When you are a woman of a "certain age," your face gradually mutates and shifts, until one day, no matter how good people say you look, you fail to recognize yourself. Yet my internal makeup remains full of vim and vigor. I'm still trying to get over the fact that I'm someone's mother twice over and that I'm no longer a teenager.
What can I say? The mind plays evil tricks. So does the subway. Ever look at your own reflection in a subway window? Each crevice is magnified by about a thousand fold. On a recent sojourn, I almost couldn't look away from the Crypt Keeper version of myself.
I longed to do something about it, but as a freelancer, my income is up and down, and thus there's no room in my budget for vanities -- only necessities. So I was completely bewildered when one day last spring, as if I'd conjured it out of the sky, I was offered the opportunity to receive a Juvederm XC treatment (the painless kind) from one of the world's foremost dermatologists, Dr. Doris Day.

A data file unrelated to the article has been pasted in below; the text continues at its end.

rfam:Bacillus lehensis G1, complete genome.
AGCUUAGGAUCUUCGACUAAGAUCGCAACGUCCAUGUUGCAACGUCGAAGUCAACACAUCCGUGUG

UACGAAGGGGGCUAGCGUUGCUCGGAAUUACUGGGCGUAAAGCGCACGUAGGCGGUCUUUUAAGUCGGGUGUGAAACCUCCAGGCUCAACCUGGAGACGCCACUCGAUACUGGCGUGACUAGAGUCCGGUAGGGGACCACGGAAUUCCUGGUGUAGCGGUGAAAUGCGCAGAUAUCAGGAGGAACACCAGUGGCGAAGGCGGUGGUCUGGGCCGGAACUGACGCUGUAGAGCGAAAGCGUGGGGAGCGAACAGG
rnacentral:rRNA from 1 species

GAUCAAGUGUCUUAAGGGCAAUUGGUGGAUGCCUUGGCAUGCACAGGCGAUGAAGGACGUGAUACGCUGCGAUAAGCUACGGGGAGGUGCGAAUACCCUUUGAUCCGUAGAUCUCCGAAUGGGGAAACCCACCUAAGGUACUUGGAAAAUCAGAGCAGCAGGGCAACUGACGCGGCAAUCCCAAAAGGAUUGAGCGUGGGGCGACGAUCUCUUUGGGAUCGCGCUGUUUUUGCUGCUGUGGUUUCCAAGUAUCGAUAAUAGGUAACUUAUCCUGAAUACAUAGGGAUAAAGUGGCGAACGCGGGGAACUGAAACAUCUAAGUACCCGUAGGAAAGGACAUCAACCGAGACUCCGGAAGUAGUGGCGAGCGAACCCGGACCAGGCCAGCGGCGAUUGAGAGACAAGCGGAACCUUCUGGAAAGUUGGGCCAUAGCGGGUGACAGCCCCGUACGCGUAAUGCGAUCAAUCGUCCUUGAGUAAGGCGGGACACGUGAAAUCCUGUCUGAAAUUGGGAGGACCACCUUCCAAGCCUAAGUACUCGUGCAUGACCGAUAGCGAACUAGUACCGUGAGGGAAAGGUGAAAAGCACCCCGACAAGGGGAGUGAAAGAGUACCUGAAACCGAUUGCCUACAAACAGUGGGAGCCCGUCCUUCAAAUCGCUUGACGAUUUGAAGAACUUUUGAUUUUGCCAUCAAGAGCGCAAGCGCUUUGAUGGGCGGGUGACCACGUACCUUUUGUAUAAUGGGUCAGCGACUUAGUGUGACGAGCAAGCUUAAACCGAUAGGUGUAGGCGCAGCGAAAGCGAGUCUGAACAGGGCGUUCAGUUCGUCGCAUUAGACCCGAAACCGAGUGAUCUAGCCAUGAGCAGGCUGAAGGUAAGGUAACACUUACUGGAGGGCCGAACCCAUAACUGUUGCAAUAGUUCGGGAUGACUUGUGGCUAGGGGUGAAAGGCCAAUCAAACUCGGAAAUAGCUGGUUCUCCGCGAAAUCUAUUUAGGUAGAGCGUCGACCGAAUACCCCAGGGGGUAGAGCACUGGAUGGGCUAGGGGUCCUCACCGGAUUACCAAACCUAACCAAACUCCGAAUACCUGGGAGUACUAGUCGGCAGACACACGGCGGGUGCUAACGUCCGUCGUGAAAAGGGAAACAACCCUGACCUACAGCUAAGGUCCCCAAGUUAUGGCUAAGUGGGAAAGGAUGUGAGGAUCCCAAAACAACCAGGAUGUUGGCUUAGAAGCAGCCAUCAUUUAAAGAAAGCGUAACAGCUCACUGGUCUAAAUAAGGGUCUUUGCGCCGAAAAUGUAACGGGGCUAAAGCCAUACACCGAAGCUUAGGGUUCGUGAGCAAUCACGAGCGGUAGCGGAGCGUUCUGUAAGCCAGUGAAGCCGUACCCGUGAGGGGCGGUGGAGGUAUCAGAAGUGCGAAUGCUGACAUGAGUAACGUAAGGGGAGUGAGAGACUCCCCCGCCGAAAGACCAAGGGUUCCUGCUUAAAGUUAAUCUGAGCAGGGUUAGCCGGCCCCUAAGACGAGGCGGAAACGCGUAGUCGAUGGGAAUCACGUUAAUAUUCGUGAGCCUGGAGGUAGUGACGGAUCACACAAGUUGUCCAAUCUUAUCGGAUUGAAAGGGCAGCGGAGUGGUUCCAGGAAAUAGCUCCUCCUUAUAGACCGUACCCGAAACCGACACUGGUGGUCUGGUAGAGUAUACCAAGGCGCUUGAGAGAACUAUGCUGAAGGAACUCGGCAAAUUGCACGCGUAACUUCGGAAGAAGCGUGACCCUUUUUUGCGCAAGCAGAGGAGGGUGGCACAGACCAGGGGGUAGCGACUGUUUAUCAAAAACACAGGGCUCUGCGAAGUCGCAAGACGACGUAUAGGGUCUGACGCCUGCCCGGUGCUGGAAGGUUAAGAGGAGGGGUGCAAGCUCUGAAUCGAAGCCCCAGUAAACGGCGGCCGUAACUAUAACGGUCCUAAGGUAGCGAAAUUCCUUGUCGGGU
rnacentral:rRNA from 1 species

Their ads promising to eliminate the "parenthesis" between my nose and mouth had me at hello, so I was totally tempted. I held on to the invite, but embarked on a heated should-I-shouldn't-I debate for months. In polling my friends, responses ranged from "Why not?" to the beautifully honest take from one of my New England homies, "Don't f*ck with your face."
Was I really going to f*ck with my face? Did this kind of self-improvement go against everything I believe in as a woman, a feminist? Was I merely a desperate woman clawing and clinging to some semblance of my youth? And if I did go through with it, what message would it send my kids? That I wasn't happy with how I looked?
Well, the siren song of Juvederm seeped through my cracking veneer, and I totally changed my tune. Dr. Day was warm and kind, explaining the entire procedure to me step-by-step, which really put me at ease. I pleaded with her to make me look like me seven years ago, closed my eyes and prayed for the best.
The outcome? Dr. Day took great care of me, and I could not be happier with the result. Until I "came out" in this entry, no one's been the wiser. I don't look like Jocelyn Wildebeast, or any other glossed, expressionless woman desperate to cling to her slipping youth. I just look like me. And that's all I wanted in the first place.